Industry heavyweights welcomed the historic passing of laws to establish the $15 billion National Reconstruction Fund (NRF) last week by prime minister Anthony Albanese.
The NRF was announced by the government in the Federal Budget for October 2022 and will invest across priority areas of the economy including renewables and low emissions technologies, medical science, transport, value-adding in resources, value-adding in agriculture, forestry and fisheries, defence capability and enabling technologies.
“Australia’s commitment to industrial transformation received a boost this week with the passage through Parliament of the National Reconstruction Fund (NRF) Bill,” Innes Willox, chief executive of the national employer association Ai Group said.
“The NRF is a vehicle that could help position Australia to benefit from the digitalisation, automation, artificial intelligence and the clean energy revolution that is remaking global industry. It could be used to seize emerging opportunities in areas where we have demonstrated or potential competitive advantages.
“Ensuring that the workforce skills requirements will be met for businesses receiving funds will be central to the success of the NRF. This will require close and effective consultation with Jobs and Skills Australia and other relevant agencies.
“The NRF is only one tool the Government can use to encourage investment and diversification within Australian industry. Ensuring there is a viable pipeline of investment-ready Australian companies is fundamental to the success of the NRF as are strong and well-connected research and innovation ecosystems with a focus on keeping pace with global trends.
“The NRF Board composition is a further critical success factor. The NRF was created to address blind spots in the financial sector when it comes to investing in priority areas including in manufacturing for scale and transformation. Addressing these blind spots effectively will require a range of skills around the Board table that goes beyond those of traditional financial experts,” Willox added.
The Australian tech sector has said it sees a crucial role for the government in providing patient capital for long-term, strategic investments.
Kate Pounder, CEO of Tech Council Australia (TCA), said the NRF can complement private sources of funding for building long-term strategic, emerging technologies and industries.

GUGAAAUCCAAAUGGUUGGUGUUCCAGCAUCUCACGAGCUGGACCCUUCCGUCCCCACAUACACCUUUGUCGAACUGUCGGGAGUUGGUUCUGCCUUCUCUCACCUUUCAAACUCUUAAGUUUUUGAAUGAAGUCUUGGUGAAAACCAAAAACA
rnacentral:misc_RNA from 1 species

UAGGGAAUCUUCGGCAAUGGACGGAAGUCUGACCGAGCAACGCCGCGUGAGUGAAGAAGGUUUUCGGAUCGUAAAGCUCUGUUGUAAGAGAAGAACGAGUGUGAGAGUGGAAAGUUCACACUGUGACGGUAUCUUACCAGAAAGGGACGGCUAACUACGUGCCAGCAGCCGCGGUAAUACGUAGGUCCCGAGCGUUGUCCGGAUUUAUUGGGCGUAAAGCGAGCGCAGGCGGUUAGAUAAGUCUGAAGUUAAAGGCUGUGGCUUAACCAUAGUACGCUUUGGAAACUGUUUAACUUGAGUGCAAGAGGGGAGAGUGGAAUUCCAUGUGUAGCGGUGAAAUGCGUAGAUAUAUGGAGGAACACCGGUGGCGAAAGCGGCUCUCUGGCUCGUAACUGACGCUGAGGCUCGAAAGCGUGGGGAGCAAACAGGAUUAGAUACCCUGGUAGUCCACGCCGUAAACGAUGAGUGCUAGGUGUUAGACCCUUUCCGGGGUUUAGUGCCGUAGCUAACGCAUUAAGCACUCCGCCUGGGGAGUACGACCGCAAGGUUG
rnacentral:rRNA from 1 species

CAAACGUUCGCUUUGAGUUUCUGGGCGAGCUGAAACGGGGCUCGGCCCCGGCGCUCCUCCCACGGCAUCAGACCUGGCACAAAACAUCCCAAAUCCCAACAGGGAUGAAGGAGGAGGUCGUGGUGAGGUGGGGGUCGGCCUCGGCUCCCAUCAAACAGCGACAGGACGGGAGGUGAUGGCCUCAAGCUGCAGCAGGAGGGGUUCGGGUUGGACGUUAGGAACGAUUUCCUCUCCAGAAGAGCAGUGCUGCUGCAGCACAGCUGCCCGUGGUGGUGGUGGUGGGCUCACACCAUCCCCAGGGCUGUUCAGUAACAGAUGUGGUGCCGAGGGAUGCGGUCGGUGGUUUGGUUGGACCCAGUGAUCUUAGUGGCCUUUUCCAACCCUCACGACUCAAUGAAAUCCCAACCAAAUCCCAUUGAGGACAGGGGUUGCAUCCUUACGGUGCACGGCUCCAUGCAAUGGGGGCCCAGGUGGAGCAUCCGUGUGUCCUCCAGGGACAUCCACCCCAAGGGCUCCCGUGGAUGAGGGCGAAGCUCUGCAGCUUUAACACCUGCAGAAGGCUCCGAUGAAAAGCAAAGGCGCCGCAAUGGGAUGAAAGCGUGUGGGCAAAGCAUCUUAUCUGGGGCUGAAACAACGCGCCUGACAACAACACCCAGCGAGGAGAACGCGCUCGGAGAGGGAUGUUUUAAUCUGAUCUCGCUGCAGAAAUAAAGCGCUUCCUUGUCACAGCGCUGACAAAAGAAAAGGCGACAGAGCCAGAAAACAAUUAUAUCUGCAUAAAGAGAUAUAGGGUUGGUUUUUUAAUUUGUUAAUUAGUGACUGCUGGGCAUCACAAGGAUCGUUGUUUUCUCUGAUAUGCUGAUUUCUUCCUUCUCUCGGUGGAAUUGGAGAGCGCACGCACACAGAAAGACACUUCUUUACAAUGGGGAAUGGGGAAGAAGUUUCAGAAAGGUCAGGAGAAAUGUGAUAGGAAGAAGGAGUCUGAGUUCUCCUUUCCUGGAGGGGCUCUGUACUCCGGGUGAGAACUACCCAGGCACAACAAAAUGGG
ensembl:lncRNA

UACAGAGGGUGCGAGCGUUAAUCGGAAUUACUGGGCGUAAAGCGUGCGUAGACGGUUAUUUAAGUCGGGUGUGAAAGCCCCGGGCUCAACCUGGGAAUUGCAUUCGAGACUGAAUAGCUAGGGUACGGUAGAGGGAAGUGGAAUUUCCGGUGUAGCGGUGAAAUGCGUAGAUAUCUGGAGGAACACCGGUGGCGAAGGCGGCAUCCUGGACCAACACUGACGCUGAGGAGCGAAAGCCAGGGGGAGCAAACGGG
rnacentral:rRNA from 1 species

“This is a long-term, landmark investment that will help build Australia’s tech industries in strategically important areas like quantum, AI, robotics and cyber security.
“The $15 billion investment in Australia’s industrial and technological capabilities has only become more important as we face global economic headwinds and continued geopolitical uncertainty.” There’s nothing revolutionary about this sort of role for government. Emerging industries and technologies have always been funded by a mix of private and public capital.”
“By co-investing with the private sector, the NRF will help fill funding gaps in the market and support the growth of tech companies in areas where Australia has a genuine competitive advantage.”
“Importantly, we hope the NRF can deliver economic opportunity in tech for all parts of the country, from our capital cities to our regional and rural communities,” Pounder added.
“We know from some of our country’s most successful tech companies that good ideas are not confined by geography – from Townsville to Tasmania or Western Australia to Western Sydney, tech jobs and tech businesses are growing everywhere.
“We also thank the crossbench for the constructive role and contribution they have made in bringing the NRF to reality. This is a great example of our political leaders coming together to build a better future for Australian industry and jobs.
“The design and implementation of the fund will be key to its success. It’s why we look forward to working with the government and other stakeholders to get this right, now that it has passed into law.”